Many years ago cars were equipped with switches which disengaged the air conditioning compressor at wide-open-throttle to leave full power for acceleration during those brief periods. I can only speculate that keeping the accelerator to the floor may still have the same effect, which could be annoying if full throttle is used for sustained periods. I have towed up long mountain grades with the pedal to the floor, but do not recall if A/C was interrupted.

minivan said:
in the end we learned it's not a vehicle designed for towing
I agree. The only vehicles designed specifically for towing are tractors; even a "one-ton" pickup truck is far from ideal for towing. In the continuum of design priorities for a road vehicle from a single-seat race car to a highway tractor, the Sienna is toward the passenger end, but still far more multi-purpose than a typical sedan. I think it makes a very capable tug within its rated range.
 

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Re: Sienna Gen-II Towing Capacity.

I am one of poor souls w/o the oil cooler, but am trying to see if it would be realistic to source the parts and install them.

Apologize in advance for double posting, but here's the EPC diagram that I've got from a good friend of mine who works at Toyota.

Would any of you be able to identify exactly which ones of these parts (and how many of them ) will be needed for retrofitting the oil cooler?

Thanks a bunch!!

Mot
 

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Re: Sienna Gen-II Towing Capacity.

We just returned from another 2 weeks of camping through the Canadian Rockies with the Sienna and our F-18Bantam. 3600lb trailer and a loaded up Sienna did fine through all the roads and mountain passes. Calgary-Edmonton-Jasper-Kamloops-Kelowna-Revelstoke-Golden-Radium-Banff and back to Calgary. 2800kms covered and the sienna was a champ. blew past a bunch of RVs struggling up Sinclair pass out of Radium at 80km/hr without issue. Roger's pass, not even a concern.

I logged speed, engine rpm, water temperature, throttle position and engine load throughout the trip on my OBD logger. never broke 4000rpm. water temps stayed at 180-195F throughout except for a slow windy section up to Kicking Horse Resort in golden where we got to about 205F. throttle position at <70% throughout and engine load never broke 80%.

I just swapped out 5liters of transmission fluid tonight and the old stuff looks a tiny bit darker than the new, but smells and feels exactly the same. Great tow vehicle.
 

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Just to add my 2 cents, one could add an oil filter heatsink with thermal paste which may be almost as effective as the oil cooler in the tow package. Google "oil filter heatsink"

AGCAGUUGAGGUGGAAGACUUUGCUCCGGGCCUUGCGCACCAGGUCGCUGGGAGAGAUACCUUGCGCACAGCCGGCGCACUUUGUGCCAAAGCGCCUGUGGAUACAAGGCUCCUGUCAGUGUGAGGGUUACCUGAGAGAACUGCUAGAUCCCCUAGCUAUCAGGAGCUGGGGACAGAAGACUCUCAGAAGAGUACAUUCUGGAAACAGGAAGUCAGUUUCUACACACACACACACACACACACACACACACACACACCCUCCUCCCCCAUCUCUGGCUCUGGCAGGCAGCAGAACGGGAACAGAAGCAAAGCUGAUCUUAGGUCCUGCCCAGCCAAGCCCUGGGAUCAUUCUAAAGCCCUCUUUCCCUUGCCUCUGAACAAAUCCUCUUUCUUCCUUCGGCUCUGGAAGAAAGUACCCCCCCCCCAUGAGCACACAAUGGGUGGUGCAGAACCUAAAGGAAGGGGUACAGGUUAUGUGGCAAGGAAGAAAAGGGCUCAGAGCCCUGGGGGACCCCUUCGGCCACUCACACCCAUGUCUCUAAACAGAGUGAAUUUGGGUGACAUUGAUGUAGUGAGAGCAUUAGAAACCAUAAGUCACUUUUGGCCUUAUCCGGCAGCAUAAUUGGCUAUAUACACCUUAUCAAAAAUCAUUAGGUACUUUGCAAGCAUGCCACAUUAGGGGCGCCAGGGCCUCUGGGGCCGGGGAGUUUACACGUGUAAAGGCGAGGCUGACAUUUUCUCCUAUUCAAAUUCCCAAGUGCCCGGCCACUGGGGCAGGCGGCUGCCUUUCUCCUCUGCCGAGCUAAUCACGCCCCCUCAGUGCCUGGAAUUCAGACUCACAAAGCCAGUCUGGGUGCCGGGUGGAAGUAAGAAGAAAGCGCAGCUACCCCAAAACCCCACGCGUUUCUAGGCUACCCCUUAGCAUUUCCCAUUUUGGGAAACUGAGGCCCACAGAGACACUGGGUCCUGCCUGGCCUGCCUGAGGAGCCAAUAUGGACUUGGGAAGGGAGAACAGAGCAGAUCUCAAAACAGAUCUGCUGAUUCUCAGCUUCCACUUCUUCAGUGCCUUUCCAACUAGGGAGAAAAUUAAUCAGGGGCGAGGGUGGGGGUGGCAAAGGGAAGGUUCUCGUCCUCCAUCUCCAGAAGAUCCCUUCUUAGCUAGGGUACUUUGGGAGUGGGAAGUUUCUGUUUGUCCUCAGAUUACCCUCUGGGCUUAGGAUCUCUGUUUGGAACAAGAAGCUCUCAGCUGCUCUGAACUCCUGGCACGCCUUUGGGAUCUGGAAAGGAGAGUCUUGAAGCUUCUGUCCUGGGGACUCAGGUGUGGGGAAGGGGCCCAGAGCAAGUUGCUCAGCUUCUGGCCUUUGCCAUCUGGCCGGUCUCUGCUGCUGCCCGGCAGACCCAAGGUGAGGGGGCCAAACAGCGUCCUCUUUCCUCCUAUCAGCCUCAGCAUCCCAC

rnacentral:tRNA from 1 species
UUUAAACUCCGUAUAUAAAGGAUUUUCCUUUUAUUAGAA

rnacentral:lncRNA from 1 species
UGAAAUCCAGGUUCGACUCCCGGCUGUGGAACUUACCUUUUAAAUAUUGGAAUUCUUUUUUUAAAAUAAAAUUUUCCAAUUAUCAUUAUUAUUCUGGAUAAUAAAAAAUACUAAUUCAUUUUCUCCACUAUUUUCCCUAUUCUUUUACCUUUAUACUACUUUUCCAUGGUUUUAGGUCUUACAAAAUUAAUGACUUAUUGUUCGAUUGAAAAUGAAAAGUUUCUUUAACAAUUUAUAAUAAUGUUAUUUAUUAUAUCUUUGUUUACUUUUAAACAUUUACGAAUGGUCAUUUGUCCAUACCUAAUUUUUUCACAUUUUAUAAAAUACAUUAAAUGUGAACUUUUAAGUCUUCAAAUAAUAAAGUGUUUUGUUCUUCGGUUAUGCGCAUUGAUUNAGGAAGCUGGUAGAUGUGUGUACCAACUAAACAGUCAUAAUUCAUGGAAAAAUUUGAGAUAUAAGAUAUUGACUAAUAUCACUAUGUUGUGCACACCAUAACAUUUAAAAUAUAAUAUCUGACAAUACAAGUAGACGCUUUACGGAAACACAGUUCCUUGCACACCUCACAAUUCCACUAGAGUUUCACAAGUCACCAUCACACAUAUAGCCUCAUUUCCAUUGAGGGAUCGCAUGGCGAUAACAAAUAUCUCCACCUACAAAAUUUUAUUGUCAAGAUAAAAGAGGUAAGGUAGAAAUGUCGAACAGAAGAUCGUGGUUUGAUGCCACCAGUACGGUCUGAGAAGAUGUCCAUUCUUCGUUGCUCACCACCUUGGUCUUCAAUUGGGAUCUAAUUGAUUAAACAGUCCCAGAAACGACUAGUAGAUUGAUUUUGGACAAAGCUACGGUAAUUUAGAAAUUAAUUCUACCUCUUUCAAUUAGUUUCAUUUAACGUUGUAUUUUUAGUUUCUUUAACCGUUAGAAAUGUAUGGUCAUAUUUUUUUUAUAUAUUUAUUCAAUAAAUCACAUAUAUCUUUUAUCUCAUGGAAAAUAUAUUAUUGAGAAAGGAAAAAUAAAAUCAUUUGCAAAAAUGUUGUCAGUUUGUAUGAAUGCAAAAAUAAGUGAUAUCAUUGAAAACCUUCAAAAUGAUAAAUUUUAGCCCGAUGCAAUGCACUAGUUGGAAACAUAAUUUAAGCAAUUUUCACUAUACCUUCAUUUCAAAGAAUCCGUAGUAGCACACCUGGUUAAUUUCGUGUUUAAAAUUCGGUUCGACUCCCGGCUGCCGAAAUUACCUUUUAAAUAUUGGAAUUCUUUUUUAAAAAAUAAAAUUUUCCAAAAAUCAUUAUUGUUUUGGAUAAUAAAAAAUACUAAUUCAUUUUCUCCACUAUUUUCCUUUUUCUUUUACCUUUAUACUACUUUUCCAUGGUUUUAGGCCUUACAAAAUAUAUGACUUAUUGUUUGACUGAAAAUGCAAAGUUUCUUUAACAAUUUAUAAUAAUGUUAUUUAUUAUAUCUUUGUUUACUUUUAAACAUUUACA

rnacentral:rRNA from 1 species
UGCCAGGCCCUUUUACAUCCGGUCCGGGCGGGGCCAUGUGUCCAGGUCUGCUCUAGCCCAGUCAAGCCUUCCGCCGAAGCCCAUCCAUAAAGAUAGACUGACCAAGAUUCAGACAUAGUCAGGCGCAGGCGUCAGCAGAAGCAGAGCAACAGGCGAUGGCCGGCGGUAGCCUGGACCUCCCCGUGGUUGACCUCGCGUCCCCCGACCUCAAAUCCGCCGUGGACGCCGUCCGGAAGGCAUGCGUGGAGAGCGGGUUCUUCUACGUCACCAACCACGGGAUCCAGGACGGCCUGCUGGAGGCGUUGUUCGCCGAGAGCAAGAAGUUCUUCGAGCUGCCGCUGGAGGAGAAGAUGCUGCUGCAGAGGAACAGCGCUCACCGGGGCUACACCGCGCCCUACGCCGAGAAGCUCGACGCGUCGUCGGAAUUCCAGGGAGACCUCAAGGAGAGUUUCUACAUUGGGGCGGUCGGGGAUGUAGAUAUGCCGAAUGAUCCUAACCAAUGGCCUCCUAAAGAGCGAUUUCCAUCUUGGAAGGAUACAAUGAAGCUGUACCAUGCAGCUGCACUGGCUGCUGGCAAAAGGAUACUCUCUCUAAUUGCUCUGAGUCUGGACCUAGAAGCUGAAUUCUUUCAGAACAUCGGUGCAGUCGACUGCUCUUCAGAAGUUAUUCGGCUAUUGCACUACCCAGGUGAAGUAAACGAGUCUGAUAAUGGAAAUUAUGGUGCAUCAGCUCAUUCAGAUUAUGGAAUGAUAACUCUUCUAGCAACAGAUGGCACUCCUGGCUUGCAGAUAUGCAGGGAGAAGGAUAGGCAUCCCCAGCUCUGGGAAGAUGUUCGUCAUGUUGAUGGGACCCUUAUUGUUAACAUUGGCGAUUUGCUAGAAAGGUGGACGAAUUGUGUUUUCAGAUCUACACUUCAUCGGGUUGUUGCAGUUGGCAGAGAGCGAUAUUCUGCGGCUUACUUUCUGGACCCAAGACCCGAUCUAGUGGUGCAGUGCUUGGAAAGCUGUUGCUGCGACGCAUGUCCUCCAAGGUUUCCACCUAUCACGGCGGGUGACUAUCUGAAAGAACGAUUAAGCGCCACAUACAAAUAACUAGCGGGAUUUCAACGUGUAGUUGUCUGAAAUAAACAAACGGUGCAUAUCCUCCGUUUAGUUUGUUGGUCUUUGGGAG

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briank said:
... one could add an oil filter heatsink with thermal paste which may be almost as effective as the oil cooler in the tow package...
I understand the idea, and I suppose it couldn't hurt, but it would take a lot to convince me that some fins on the filter housing would have any substantial effect, let alone approach the effectiveness of the factory oil-to-coolant heat exchanger.
 

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Can anyone offer thoughts as to what gear(s) they typically use when towing? We just got a new(used) pop-up for our family and it has an unloaded weight of ~2400lbs.

Being new to towing with my 2006 Sienna, I do not want to neglect or abuse the automatic transmission, but want to be a good steward by finding out what it best on how to use it properly from experienced folks.

Also, can someone expand on the necessity of a Weight Distribution? It seems that most people here have them, but do we know why? Why is it good for the Sienna?

Thanks in advance for your thoughts.
 

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cmarks said:
Can anyone offer thoughts as to what gear(s) they typically use when towing? We just got a new(used) pop-up for our family and it has an unloaded weight of ~2400lbs.
I generally leave it in Drive.

The Sienna has no special "tow/haul" mode, so the shifting may not be quite as desired in some loaded conditions, so it may be prudent to manually take some action:
  • If the transmission "hunts" - shifting often between two gears as if uncertain which one is appropriate - this can be stopped by manually selecting the lower of the two gears. I have rarely noticed this, but it can happen while climbing steep extended grades, or even in more moderate condition if travelling right around the appropriate speed to change gears.
  • The Sienna's "grade logic" downshifts for engine braking on descents, but occasionally it may not downshift enough for the conditions (to avoid riding the brake to keep speed down as desired), so it makes sense to downshift to a low enough gear. I have only found this on very steep and slow grades.